For humans, slight variations in temperature don’t mean much. But for some turtles, they mean the difference between whether embryos come out male or female. Now, scientists have evidence that these embryos have some power over their sexual destiny: By moving to slightly warmer or cooler spots inside their eggs, freshwater turtle embryos can help determine their own sex. Not everyone is convinced. But if the new finding holds, this behavior could potentially save some turtle species from extinction by balancing their sex ratios.
A reptile’s sex depends on hormones produced during development. For crocodiles, many fish, some lizards, and most turtles, those hormones in turn depend on external temperatures. Cooler temperatures typically lead to more males, and warmer temperatures generally lead to more females. That means a shift of just 2°C can make all of the offspring one sex. As average global temperatures rise, such a strategy could doom some species, including the already-endangered Chinese pond turtle (Mauremys reevesii). As weather warms, warmer eggs produce more and more females—leaving them fewer males to mate with.
Wondering whether turtle embryos could respond to rapidly changing temperatures, scientists from the Chinese Academy of Sciences in Beijing examined the behavior of the Chinese soft-shelled turtle (Pelodiscus sinensis). They discovered that the embryos could in fact move between cooler and warmer spots inside their paperclip-size eggs, they reported in 2011 in the Proceedings of the National Academy of Sciences.
To find out whether that behavior could change a species’s sex ratio, the same team studied freshwater turtle nests at a commercial turtle farm in Jiaxing, China. After measuring each egg’s temperature gradient, they briefly put the eggs in front of a light to mark the embryos’ positions. The researchers coated half the eggs with a chemical that blocks the embryos’ ability to sense outside temperatures—and would presumably discourage temperature-sensitive embryos from moving.
One week later, the researchers found that a single egg could experience a temperature gradient of up to 4.7°C. The embryos in the coated eggs moved an average of about 2 millimeters—and almost all of them hatched out male. But in the uncoated group of eggs, the embryos had moved, on average, an extra 2 millimeters, and the sex ratio was a near-perfect 50/50, researchers report today in Current Biology. That suggests the mobile embryos were able to find the “Goldilocks zone,” says co-author Richard Shine, a biologist at Macquarie University in Sydney, Australia. That’s a place where the temperature is neither too hot nor too cold (29°C), leading to random selection and a nearly equal sex ratio.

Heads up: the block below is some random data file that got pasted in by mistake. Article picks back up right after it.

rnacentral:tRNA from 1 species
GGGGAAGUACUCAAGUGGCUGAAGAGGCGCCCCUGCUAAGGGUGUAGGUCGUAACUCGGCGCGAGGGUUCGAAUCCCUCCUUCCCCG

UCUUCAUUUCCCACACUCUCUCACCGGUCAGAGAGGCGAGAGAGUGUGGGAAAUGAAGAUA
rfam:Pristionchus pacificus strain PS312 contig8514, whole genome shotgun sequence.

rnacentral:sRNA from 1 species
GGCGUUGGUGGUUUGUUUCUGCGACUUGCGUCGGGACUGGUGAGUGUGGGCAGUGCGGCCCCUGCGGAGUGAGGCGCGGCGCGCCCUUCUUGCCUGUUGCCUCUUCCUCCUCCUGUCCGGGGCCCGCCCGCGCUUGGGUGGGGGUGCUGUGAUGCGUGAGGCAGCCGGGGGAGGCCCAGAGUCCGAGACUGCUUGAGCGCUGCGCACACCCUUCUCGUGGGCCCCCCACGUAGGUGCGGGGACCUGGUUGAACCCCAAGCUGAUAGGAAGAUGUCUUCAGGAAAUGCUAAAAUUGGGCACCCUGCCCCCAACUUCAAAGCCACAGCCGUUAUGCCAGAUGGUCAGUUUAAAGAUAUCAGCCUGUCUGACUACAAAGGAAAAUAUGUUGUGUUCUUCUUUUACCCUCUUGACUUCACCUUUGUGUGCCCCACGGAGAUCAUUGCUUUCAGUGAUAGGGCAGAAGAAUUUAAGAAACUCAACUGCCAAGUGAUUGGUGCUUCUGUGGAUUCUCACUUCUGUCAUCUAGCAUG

What’s more, when the experiment was repeated in the lab—which varied in temperature but kept constant other environmental factors like humidity and oxygen levels—the results held. “These animals, although tiny little creatures, are able to detect small temperature differences and move to a place that gives them the best survival outcome,” Shine says. “It’s just an extra intriguing ability in a place we would least expect it: a tiny embryo.”
However, this behavior fails to protect the turtles against extreme episodes of climate change, Shine says. “The basic notion is that you can only move in the range that’s available to you within an egg,” he says. If temperatures get too hot, as they are expected to by the end of the century, “then there’s nowhere cool enough [in the egg] to obtain the Goldilocks zone.”
But evolutionary biologist Gerardo Antonio Cordero, a postdoc at the University of Tübingen in Germany, says such conclusions are “bold,” given that the researchers don’t know how long the embryos can move within their eggs. “I don’t want people to get the impression that embryos are moving freely during the [entire] time of development,” says Cordero, whose own 2017 work suggests turtle embryos cannot control their body temperature from inside their eggs. Embryos sit in a yolk sac surrounded by impenetrable membranes, he adds, which makes it difficult to move in such a small space as they grow bigger over time. “The data is very intriguing, and it would be remarkable if that’s the case, but I don’t think it’s so clear cut as the authors make it sound,” he says.
Evolutionary ecologist Fredric Janzen, who has been studying temperature sex-dependent organisms for 35 years, says the findings are “pretty impressive.” But he adds that it’s troubling that the authors imply the embryos have some knowledge about what sex they should become and when to avoid certain temperatures. “We’re talking about embryos at a stage of development where they don’t have fully developed brains,” says Janzen, of Iowa State University in Ames. “How can they coordinate their movements, much less know which movements they ought to be doing?”
He also says turtles have already adapted to climate change by choosing cooler nesting sites or months to lay their eggs, so embryo thermal regulation likely does not—and will not—play a role. “If it’s true, it’s astonishing, I just have no clue how that’s remotely possible.”